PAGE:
“Of all the forms of inequality, injustice in health is the most shocking and inhuman”, Martin Luther King Jr. famously said in 1966.
Dr. King’s statement is sadly as true today in 2019 as it was in 1966. As a new HCFANY publication outlines (download it here), the quality of health care we receive in New York State is still shockingly unequal based on one’s race and ethnicity. For example, African-American New Yorkers have unequal outcomes as compared to Whites for a large range of health measures, including low birthweight babies, asthma hospitalizations and coronary heart disease mortality. And 6.8% of Blacks and 11.8% of Hispanics in New York State lacked health coverage as of 2016, as compared to 4.5% of Whites. Perhaps most dramatically, undocumented New Yorkers are excluded from most forms of health insurance due to punitive federal legislation. This is a major reason why so many lack primary care or have regular contact with health providers, resulting in serious health problems later on in life.
HCFANY’s new publication, released today, sets out a broad health justice agenda that will begin to address some of the inequities people of color face in the health care justice system in our state. Our proposals seek to expand and protect health coverage, and address the inferior care New Yorkers of color receive. Among our proposals are to:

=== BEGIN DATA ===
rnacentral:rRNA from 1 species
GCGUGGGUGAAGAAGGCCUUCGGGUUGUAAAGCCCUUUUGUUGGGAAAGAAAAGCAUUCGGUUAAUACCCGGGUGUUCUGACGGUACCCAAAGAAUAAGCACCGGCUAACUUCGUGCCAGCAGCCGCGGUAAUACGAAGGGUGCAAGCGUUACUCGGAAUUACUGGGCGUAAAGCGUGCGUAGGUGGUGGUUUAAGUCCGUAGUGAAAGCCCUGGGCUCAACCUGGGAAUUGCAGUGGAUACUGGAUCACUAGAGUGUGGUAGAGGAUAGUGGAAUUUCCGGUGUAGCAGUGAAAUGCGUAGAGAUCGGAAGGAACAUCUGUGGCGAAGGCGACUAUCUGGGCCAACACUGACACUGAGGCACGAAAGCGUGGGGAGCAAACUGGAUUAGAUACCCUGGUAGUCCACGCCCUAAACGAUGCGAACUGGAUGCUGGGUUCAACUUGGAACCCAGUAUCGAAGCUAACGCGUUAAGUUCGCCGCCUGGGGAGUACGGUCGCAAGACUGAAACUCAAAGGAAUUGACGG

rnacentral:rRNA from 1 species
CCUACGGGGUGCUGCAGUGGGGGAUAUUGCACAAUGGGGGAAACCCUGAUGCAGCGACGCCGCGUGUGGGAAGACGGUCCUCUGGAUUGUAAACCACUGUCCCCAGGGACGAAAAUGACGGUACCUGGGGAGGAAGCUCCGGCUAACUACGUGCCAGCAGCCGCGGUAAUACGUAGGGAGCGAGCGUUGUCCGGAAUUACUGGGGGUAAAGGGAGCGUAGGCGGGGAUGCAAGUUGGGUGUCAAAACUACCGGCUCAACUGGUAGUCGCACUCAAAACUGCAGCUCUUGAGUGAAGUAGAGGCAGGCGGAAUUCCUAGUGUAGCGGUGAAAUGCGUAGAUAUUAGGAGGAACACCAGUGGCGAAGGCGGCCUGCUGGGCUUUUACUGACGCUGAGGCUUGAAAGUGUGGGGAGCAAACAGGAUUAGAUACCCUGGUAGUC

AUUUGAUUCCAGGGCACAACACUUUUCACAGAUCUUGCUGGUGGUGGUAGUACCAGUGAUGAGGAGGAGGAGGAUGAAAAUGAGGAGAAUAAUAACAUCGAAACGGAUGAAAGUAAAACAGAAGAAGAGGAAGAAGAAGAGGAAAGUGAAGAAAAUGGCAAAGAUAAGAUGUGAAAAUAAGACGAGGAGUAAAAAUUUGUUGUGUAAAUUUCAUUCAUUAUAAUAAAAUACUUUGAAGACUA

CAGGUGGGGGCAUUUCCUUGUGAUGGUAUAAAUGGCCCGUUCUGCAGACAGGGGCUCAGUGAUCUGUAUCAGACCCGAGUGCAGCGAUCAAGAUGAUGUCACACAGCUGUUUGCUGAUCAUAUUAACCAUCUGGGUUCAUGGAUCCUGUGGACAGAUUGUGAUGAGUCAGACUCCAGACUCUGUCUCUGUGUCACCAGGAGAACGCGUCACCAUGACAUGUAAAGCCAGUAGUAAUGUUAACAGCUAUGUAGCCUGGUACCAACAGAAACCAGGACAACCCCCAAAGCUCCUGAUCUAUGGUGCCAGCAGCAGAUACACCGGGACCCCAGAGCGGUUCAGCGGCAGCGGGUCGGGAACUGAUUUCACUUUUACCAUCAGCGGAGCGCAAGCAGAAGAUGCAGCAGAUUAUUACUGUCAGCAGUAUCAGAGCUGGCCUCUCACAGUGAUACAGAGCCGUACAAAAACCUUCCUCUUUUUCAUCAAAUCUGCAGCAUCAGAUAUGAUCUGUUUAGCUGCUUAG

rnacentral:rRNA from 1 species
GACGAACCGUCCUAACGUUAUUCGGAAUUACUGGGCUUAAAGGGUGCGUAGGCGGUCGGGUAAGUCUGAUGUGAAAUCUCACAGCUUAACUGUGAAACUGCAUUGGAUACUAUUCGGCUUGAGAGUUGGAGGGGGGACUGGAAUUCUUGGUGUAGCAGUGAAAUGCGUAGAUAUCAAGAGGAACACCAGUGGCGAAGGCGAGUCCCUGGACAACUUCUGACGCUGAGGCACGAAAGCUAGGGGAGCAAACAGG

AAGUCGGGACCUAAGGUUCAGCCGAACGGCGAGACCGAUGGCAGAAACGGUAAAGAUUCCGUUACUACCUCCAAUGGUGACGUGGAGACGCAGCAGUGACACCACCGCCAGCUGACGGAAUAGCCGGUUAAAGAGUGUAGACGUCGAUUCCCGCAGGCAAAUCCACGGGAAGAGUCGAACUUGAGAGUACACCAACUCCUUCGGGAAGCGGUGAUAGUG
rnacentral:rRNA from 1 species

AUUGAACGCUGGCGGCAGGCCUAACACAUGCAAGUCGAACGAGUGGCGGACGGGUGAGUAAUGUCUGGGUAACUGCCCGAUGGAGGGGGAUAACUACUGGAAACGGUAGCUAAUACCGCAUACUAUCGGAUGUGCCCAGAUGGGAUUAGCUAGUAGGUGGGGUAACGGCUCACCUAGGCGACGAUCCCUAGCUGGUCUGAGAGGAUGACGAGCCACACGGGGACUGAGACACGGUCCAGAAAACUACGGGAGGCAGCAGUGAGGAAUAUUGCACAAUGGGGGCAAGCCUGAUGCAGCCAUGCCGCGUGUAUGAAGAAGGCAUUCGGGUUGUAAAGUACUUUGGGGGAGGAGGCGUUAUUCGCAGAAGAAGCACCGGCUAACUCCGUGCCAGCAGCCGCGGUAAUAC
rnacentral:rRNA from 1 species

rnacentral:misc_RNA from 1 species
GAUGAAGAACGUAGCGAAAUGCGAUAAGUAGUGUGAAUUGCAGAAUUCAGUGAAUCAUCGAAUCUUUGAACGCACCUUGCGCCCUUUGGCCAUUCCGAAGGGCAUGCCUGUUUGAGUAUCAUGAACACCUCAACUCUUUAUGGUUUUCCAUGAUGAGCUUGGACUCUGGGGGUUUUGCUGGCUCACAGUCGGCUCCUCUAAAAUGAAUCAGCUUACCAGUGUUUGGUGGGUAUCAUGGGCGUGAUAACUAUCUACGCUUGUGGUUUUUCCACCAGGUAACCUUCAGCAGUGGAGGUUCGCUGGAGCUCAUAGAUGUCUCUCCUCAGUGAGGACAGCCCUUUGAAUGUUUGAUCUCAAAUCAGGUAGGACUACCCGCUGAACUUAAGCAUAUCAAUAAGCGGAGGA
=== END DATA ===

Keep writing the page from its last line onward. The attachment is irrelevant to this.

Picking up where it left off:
- Expand New York’s popular low cost Essential Plan to all New Yorkers, irrespective of immigration status;
- Reach additional people of color communities to enroll them in health coverage;
- Expand consumer assistance funding to enable more New Yorkers, particularly people of color and low income New Yorkers, to better use their health coverage;
- Create a fairer distribution of “indigent care funding” so that the hospitals that most serve the uninsured and Medicaid patients receive additional funding; and
- Give impacted neighborhoods more say when community hospitals close, downsize or are absorbed into large health systems.
HCFANY, along with coalition partners throughout New York State, will be working hard for the remainder of 2019 to ensure that the health care needs of people of color are heard by New York decision-makers. The health care agenda we have developed is an important contribution to a discussion we need to have as to how we can make health care access and delivery more equitable in our state.